Changes are afoot regarding the standard bill of lading used by carriers who participate in the National Motor Freight Classification. That bill of lading uses the standard tariff and incorporates the terms of a shipment between shipper and carrier. That tariff is created and implemented by the NMF Conference, represented heavily by the bigger carriers in the country.
Because the bill of lading is closer to companies doing the shipping, rather than the shippers, it has carrier friendly terms. It is those terms that have brought organizations representing shippers out of the woodwork to fight the changes to the standard bill of lading, and they have laid their claims to the Surface Transportation Board who will accept or reject the new terms.
Changes to the Standard Bill of Lading
One big change to the new bill of lading is under what terms most less-than-truckload carriers will haul freight in the future. Those new terms state that unless a carrier and shipper have a separate, bilateral agreement in place, the standard bill of lading will now apply. That does away with bills of lading used by shippers, unless they have a separate contract with the carriers.
Another big change in the new bill of lading is how the burden of proving negligence is shifted from carrier to shipper. To prove a case for damaged or lost goods in the past, a shipper simply had to show that they delivered a shipment in good condition to a carrier, then the goods were delivered damaged. After showing that, the burden of proof shifted to the carrier to prove they were not negligent in damaging the goods.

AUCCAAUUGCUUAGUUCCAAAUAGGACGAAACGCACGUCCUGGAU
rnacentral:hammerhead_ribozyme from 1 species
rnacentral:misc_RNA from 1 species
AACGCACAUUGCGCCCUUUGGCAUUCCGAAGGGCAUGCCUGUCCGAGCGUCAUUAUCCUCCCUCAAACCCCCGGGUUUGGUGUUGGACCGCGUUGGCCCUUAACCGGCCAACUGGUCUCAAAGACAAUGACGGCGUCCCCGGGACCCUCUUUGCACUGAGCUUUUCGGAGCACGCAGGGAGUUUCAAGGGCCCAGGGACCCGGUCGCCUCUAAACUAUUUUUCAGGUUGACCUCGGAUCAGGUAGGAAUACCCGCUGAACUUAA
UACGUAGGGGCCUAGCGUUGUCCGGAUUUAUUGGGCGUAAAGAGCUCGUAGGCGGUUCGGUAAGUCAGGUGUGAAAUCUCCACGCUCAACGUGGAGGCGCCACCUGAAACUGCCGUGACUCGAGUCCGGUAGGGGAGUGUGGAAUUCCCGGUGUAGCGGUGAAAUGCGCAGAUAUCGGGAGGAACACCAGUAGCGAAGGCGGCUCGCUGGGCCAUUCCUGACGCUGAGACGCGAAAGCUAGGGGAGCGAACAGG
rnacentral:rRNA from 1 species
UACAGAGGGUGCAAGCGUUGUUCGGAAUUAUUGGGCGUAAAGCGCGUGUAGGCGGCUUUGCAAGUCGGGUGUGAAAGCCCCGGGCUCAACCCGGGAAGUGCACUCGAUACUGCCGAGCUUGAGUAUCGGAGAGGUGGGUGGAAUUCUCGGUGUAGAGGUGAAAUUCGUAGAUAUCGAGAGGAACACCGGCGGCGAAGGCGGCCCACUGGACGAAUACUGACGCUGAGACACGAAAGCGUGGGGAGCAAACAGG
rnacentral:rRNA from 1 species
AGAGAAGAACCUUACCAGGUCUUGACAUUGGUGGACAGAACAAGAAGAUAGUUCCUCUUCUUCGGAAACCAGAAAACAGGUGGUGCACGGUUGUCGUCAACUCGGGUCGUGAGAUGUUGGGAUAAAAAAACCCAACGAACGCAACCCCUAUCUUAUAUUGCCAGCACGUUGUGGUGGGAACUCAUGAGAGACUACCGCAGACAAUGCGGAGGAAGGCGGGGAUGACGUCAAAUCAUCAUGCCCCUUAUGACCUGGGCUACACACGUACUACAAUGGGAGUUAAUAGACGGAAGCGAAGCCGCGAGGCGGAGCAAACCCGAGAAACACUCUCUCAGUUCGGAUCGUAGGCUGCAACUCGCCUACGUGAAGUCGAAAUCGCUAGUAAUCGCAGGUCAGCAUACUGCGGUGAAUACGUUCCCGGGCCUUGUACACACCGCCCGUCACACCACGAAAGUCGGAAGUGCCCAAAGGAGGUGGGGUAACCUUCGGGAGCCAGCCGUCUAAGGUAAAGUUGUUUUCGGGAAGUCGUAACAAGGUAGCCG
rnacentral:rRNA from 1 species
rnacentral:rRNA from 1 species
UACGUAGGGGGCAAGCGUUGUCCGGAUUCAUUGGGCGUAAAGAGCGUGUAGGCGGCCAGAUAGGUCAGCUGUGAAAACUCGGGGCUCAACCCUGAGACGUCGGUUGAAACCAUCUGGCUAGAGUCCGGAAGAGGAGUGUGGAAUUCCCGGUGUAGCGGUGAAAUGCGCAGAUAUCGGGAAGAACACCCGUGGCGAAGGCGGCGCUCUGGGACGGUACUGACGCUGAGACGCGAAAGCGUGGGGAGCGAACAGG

Under the new terms the burden of proving negligence shifts to the shipper in the following three cases:
- when the shipment is damaged after being stopped or held in transit at the shipper’s request;
- when the shipment is damaged because of an impassible road, bridge, or other faulty or impassable highway; and,
- when the goods are loaded or secured by the shipper himself.
Granted, these types of cases do not make up the majority of lost claims, but they happen.
Whether the STB approves the new bill of lading or not, the legality of the new terms will be tested in federal court. The Carmack Amendment puts specific requirements on carriers before they can limit liability, and those requirements cannot simply be written out of existence because of a new standard form bill of lading. Right now both sides are arguing whether the terms defy or comply with federal law, but it will be left to a judge to decide.
This situation also acts as a reminder to those companies involved in the transportation industry to understand how important terms and conditions are. If your company has the right bill of lading, liability can be reduced, terms can be in your favor, and your company can be more successful. To ensure your efforts comply with the law, you need the right legal partner counseling and guiding you. At Anderson and Yamada, P.C. we have decades of experiences successfully helping trucking companies do just that. Contact us today.